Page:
During the sixties, there had been two parallel tracks: the rock/folk music explosion which embodied the rebellion of the youth against their elders and the modernist movement, a reaction against Romanticism, that took center stage in the classical music space. This, by and large, was the music extolled by music critics and taught by music schools. It was regularly programmed at concerts despite the fact that the mainstream audience did not like it. I remember attending a concert that included a John Cage piece in which a number of people gathered around the back of a grand piano, occasionally plucking a string with their hands. This went on for what seemed like forever. The restless audience finally gave up on this and started talking among themselves until the piece was over.

In light of the classical music audience’s resistance to pieces that they didn’t understand or like, the practice began of putting rather short modernist pieces in between the works of the great composers. This sandwich maneuver kept symphony concert-goers from simply walking out, but it resulted in the idea being formed that modern classical music was to be avoided. Critical opinion is divided as to why the classical music audience did not accept modernism. Some say that the pieces that were brought forward by performing organizations and grant makers of the time were above the heads of the audience. They feel that the audience was too conservative for modernism and never took the time to learn to appreciate it. Others feel that the composers abandoned the audience and made no concession to its tastes. Personally, I think that as the Baby Boomers ignored classical music in favor of more popular forms, there was intense competition in the classical music world for an ever diminishing number of performances and accolades. This led to coteries being formed and doomed composers who did not fit into the dominant form to become outsiders, almost shunned by the music establishment. In the Fifties and early Sixties, things centered around Serialism. Later on it was Minimalism. On the positive side, today, things have opened up considerably and there is no Academy that demands adherence freeing composers to follow their own vision.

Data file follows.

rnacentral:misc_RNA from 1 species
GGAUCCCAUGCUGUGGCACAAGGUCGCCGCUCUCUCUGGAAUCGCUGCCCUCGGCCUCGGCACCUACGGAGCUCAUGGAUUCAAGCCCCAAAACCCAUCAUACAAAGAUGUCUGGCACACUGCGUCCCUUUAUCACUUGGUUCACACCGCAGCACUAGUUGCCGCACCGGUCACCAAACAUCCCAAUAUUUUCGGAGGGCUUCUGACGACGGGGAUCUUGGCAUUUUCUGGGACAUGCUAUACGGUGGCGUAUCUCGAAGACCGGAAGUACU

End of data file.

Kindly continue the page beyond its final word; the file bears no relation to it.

I doubt, however, that rejection of modernism is what drove Baby Boomers away from classical music. They weren’t there in the first place. Part of their act of rebellion was to put a minus sign on anything their parents found important and classical music was seen as part of the conformity and stuffiness of the middle class life they rejected. To make matters worse, music education in the schools was gutted as the post-war prosperity waned and brought massive school budget cutbacks. So, it can’t really be said that most Baby Boomers and, especially, the generations following, considered classical music and then rejected it. It was simply not an option.

Is classical music over?

Today’s classical music composers are in a difficult position. The major media would no more pay attention to an adept classical composer than they would to an adept pornographer. With some holdouts, the official intellectual world has decided that if most people no longer think classical music is more complex and deep than any other music, then it isn’t. They raise the dread specter of “elitism”, that politically-correct but intellectually dishonest category that condemns the smarty pants who thinks he or she may have more knowledge and understanding about art than the untutored folk themselves. This type of thinking arose after the sixties when the actual political rebels were in retreat. It grew up in academia, where a wrong-headed type of thinking took root which used a shallow populism as the basis for restricting ideas. Classical music was branded by some influential critics as representing the obsolete canon created by “dead white males”. It was portrayed as sexist, since there were relatively few women composers and racist, since there were few Black composers.